A Star-Lit Controversy
by Nobody Special
Back when Paul Fishbein owned AVN I used to joke with him that the worst job in the state had to be working for AVN on the Sunday after a Saturday night AVN Awards Show. For a long time the conventions used to be Thursday-Sunday, but they always held the Awards Show on Saturday nights. Sundays tended to be very sparsely attended, particularly in the morning hours. The winners would all show up with their trophies, of course, although in all honesty a good percentage of them had probably not been to bed yet. Still, the winners were happy, and proud, and they wanted everyone to know it.
The much larger percentage of people/companies that did not win, however, that percentage tends to be rather surly. Invariably some commotion or another arises about people that “bought” trophies. This year that focus apparently falls on Mia Malkova and her Best New Starlet victory.
Unless AVN has substantially changed the way the voting works, though, it would be fairly difficult to literally pay for an award. As a rule, if a strong “few” contenders reign at the top of everyone’s list, it can easily be another person entirely that takes the prize — and this goes for movie awards as well as the individual ones.
You see the voting may not work exactly as you think it might: They do not simply pick the person with the most “#1” votes. Any awards system that we know about uses a ranking system that determines the winner. They put all the nominees in a list, and then each judge ranks them from one to whatever, all the way down. Then they add the numbers together for each candidate, and the lowest number wins. If everyone votes for the same “#1” then obviously that person or movie has the lowest total, but if “groups” get involved, sometimes it can lead to what seem like unusual results. Sometimes a judge will want “their candidate” to win so much that he or she will not rank the other “top contenders” very high at all — specifically because they understand the lowest total number concept.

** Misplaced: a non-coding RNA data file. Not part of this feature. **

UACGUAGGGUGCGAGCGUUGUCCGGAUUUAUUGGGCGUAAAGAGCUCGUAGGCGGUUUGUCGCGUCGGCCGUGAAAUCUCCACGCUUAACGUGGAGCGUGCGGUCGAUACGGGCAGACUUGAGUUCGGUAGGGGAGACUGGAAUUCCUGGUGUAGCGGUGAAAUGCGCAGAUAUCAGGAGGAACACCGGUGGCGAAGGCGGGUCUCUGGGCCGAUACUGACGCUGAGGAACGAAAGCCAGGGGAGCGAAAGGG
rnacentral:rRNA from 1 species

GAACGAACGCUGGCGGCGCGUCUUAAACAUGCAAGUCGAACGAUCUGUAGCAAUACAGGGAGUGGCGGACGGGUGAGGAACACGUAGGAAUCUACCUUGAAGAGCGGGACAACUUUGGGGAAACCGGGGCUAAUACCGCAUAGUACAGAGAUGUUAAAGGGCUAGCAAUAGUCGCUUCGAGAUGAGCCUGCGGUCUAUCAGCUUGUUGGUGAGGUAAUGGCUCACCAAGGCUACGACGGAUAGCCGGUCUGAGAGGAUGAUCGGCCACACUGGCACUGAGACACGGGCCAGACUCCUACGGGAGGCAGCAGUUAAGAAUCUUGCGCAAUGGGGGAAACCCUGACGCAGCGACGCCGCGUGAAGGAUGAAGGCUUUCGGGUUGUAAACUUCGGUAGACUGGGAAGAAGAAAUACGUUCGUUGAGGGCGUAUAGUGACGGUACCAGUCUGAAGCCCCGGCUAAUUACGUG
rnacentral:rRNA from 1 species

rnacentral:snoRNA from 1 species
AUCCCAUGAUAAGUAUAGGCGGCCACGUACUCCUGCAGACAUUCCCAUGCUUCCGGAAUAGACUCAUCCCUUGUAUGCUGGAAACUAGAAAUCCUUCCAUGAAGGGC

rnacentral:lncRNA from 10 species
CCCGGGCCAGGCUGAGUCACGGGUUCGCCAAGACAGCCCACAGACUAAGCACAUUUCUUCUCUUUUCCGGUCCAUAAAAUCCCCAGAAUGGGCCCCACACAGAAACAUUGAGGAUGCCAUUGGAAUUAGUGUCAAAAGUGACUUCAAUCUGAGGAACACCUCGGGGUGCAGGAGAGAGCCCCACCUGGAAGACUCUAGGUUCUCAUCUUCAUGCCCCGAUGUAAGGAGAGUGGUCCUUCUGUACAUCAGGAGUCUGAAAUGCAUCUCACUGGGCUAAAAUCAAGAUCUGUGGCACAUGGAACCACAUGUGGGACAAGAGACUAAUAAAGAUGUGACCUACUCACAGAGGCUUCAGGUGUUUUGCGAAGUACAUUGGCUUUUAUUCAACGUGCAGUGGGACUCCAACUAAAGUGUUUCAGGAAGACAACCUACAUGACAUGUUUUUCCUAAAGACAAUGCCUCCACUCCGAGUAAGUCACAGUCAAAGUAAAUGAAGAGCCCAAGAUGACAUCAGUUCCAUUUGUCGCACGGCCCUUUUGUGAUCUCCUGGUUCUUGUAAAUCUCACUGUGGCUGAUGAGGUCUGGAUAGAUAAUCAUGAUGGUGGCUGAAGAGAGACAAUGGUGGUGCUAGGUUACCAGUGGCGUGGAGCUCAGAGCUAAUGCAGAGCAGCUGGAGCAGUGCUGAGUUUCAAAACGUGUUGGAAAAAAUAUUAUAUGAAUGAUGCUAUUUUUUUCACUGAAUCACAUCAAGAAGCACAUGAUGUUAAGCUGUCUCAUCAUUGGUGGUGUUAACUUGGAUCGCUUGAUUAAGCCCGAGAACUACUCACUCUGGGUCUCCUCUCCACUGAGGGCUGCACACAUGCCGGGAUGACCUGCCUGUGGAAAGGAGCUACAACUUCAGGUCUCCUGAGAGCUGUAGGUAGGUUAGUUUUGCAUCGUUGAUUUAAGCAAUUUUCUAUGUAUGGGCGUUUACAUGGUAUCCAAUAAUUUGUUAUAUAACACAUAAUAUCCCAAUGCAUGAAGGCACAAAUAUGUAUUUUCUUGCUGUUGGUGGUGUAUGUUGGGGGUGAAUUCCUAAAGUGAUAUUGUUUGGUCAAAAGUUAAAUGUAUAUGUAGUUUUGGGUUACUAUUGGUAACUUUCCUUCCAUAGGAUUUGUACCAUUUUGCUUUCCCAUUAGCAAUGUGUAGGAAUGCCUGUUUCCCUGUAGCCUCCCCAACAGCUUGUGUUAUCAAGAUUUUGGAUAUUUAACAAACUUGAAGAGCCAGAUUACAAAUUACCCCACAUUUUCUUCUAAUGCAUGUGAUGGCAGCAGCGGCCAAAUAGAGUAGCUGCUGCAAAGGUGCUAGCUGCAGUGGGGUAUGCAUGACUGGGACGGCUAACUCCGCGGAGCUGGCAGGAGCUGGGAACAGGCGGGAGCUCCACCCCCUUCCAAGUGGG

It might be easier just to give an example. In a simple case, let’s assume three judges are voting on five nominees, and there happen to be three “top” candidates. If each judge picks “their” favorite with a “1” and punishes the favorites of the other two judges with a “5” … well, then all three “top” people end up with a total score of eleven. They’re tied before they start, and they may all be screwed — and in this case not the fun way. If all three judges pick the same “#2” person, for example, that nominee ends up with a score of SIX! … She wins!